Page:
2) Prepare your environment: Remove distractions like phones, TV, or other potential interruptions. Ensure the setting is conducive to the activity your child has chosen.

    3) Let your child lead: Allow your child to decide what they want to do during Special Time. Resist the urge to take over or even make suggestions if you can. Their choice empowers them and ensures they’re engaged and excited.

    4) Active participation: Show genuine interest and enthusiasm during Special Time. Get down on the floor, play alongside them, and ask open-ended questions to encourage conversation.

    5) Positive Feedback: Offer your child plenty of positive words and show your excitement and joy at spending time with them – both during and after Special Time. Shared joy builds super-connected relationships!

    6) Reflect and discuss: After Special Time, take a moment to reflect on what you both enjoyed about it. This provides an opportunity to express gratitude and plan for future sessions.

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    How to incorporate Special Time into your busy day

    The beauty of Special Time is that it doesn’t require a huge time commitment. Even with a busy schedule, you can probably find 10 minutes each day to connect with your child. Here are some practical ideas for incorporating Special Time into your routine:

    1) Morning Rituals: Wake up 10 minutes earlier than your child and dedicate this time to their Special Time. A brief morning chat or a quick game can set a positive tone for the day.

    2) Bedtime Special Time: Instead of rushing through bedtime routines, extend this special moment by dedicating 10 minutes to your child before they sleep. Share stories, talk about the day, or simply cuddle.

    3) After School Special Time: When your child returns from school, take a break from your own work or chores and spend 10 minutes discussing their day. This helps them decompress and feel valued.

    4) Dinner Time: While preparing dinner, involve your child by allowing them to assist or chat with you. This shared activity fosters a sense of togetherness and importance.

    5) Weekend Adventures: On weekends, make a list of fun activities and choose one each day to enjoy together. Whether it’s a nature walk, a craft project, or a visit to a museum, it’s quality time that counts.

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    Ideas for Special Time activities

    Now, I do recommend allowing your child to choose the activity you do together during Special Time. But sometimes, they need a little bit of help coming up with ideas – especially when the concept of Special Time is still new to them. So here are some specific activities you might like to try:

    1) Arts and Crafts: Engage in a creative activity, such as drawing, painting, or making simple crafts.

    2) Puzzles: Solve puzzles or play board games together. This not only promotes bonding but also enhances cognitive skills.

    3) Outdoor adventures: Spend your Special Time outdoors, playing catch, riding bikes, wrestling and rough housing, or simply exploring nature. Fresh air and physical activity do wonders for the mind and body.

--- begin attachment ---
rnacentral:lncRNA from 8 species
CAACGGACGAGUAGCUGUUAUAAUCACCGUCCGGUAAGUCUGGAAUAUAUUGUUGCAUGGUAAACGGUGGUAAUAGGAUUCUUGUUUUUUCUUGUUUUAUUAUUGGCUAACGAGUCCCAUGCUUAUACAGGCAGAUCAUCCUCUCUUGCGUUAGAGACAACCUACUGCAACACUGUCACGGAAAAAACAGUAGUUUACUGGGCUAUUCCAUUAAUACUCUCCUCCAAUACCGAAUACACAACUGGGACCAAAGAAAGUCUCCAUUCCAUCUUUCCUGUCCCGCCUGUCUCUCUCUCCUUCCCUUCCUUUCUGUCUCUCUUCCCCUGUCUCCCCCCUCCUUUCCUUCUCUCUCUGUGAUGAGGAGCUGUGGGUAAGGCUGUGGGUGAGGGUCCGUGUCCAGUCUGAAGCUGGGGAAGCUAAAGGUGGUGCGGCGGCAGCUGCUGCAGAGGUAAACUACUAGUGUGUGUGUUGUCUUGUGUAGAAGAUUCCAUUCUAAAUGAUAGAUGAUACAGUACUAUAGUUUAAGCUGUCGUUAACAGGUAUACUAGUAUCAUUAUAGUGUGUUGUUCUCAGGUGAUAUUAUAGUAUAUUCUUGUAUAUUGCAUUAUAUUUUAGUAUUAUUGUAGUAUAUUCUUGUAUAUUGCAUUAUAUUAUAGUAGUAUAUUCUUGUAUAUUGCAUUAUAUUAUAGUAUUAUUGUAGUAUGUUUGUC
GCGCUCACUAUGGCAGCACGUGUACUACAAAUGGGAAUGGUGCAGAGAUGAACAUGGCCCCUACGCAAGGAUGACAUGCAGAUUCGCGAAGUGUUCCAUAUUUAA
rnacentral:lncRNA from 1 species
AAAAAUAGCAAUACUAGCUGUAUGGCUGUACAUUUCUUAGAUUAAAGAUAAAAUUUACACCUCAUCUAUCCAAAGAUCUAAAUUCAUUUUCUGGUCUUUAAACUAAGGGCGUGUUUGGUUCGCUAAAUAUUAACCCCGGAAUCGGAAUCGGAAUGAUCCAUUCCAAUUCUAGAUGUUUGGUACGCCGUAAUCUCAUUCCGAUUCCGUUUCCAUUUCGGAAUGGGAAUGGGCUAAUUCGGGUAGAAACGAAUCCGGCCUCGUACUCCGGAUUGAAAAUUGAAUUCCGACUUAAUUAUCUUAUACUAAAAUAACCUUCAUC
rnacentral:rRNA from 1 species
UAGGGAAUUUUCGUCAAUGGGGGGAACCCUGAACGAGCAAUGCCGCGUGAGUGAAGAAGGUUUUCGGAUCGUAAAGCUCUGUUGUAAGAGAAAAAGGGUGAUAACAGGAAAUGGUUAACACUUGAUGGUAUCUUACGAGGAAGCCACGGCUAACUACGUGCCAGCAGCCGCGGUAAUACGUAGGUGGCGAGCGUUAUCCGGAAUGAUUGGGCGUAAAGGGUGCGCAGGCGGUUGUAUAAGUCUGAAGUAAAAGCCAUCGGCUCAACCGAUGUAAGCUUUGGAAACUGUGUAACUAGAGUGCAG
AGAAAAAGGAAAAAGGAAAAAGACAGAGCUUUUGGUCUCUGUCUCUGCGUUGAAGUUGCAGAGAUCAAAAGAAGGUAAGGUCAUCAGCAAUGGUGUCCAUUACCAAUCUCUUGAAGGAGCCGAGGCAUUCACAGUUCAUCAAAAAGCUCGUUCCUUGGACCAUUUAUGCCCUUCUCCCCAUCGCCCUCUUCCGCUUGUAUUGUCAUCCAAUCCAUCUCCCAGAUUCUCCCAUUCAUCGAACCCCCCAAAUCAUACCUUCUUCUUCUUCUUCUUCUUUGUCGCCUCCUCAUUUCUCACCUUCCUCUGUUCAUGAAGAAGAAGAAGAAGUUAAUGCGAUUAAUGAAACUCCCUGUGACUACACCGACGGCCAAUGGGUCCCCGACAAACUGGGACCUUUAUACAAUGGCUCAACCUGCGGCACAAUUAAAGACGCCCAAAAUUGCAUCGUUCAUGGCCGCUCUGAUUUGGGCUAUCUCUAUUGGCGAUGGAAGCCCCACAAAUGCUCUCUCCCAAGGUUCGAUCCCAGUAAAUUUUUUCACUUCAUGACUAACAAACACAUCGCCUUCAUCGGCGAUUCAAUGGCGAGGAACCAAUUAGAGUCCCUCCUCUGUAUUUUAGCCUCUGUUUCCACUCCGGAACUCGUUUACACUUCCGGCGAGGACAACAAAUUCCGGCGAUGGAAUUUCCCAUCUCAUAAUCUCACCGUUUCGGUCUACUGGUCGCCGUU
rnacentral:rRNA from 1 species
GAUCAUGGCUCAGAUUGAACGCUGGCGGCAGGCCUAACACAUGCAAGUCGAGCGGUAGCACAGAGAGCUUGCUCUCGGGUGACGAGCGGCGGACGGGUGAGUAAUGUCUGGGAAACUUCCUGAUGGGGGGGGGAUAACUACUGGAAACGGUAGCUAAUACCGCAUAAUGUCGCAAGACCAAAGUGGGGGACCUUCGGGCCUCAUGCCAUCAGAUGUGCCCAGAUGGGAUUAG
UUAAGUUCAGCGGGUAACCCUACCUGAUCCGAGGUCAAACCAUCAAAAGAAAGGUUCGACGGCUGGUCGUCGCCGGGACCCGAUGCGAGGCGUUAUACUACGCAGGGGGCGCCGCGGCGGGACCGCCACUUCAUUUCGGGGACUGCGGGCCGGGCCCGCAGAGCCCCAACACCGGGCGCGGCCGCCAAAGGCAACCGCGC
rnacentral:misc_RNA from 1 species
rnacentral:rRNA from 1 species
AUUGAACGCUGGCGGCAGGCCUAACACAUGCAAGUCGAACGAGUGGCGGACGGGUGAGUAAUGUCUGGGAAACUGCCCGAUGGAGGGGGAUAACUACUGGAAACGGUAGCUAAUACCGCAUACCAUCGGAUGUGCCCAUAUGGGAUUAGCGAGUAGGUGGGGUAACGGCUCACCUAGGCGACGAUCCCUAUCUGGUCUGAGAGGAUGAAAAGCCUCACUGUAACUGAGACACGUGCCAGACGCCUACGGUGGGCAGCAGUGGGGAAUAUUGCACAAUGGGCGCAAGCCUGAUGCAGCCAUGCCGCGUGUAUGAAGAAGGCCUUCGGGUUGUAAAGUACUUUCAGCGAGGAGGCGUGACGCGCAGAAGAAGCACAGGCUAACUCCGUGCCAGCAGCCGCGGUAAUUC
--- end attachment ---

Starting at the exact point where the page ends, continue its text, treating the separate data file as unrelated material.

4) Storytelling: Share stories or create imaginative tales together.

    5) Cooking: Involve your child in the kitchen by cooking a simple meal or baking. It’s a fun and educational activity that can lead to delicious results.

    6) Music: Sing songs or dance to your favorite music. It’s a great way to bond and introduce your child to different types of music.

    7) Reading: Read a book together, taking turns reading or discussing the story. Reading builds vocabulary, comprehension, and imagination.

    8) Scavenger hunt: Go on a scavenger hunt in your backyard or local park. Create a list of items to find, and explore together.

    9) Photo albums: Browse through old photo albums or digital photos, reminiscing about family memories. This is a great opportunity to share stories and family history, and your kiddos will love it!

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    Special Time, even if just for 10 minutes a day, can be a game-changer for your child’s development and your relationship with each other. By making a small but consistent effort to connect, you’re nurturing trust, communication, and a strong emotional bond. The benefits are huge, and the memories you create will last a lifetime. So, carve out those precious 10 minutes, and watch the magic of Special Time unfold in your family’s life. Your child will thank you, not only for the moments you share but also for the love and understanding that blossoms as a result.

    Sarah Conway is a child and adolescent psychologist, mother of 4, and founder of Mindful Little Minds. She has over 15 years of experience working in mental health with children, teenagers, and families. Sarah’s mission is to help parents move away from punitive parenting strategies and towards mindful, intentional parenting that builds emotional intelligence in children and parents alike. As a busy mum herself, she knows firsthand how difficult mindful parenting can be, particularly when it was never modelled by our own parents. That’s why she provides parents and children with simple, practical strategies and tools that help them learn to manage emotions – together. She believes that changing the way we parent will change the world.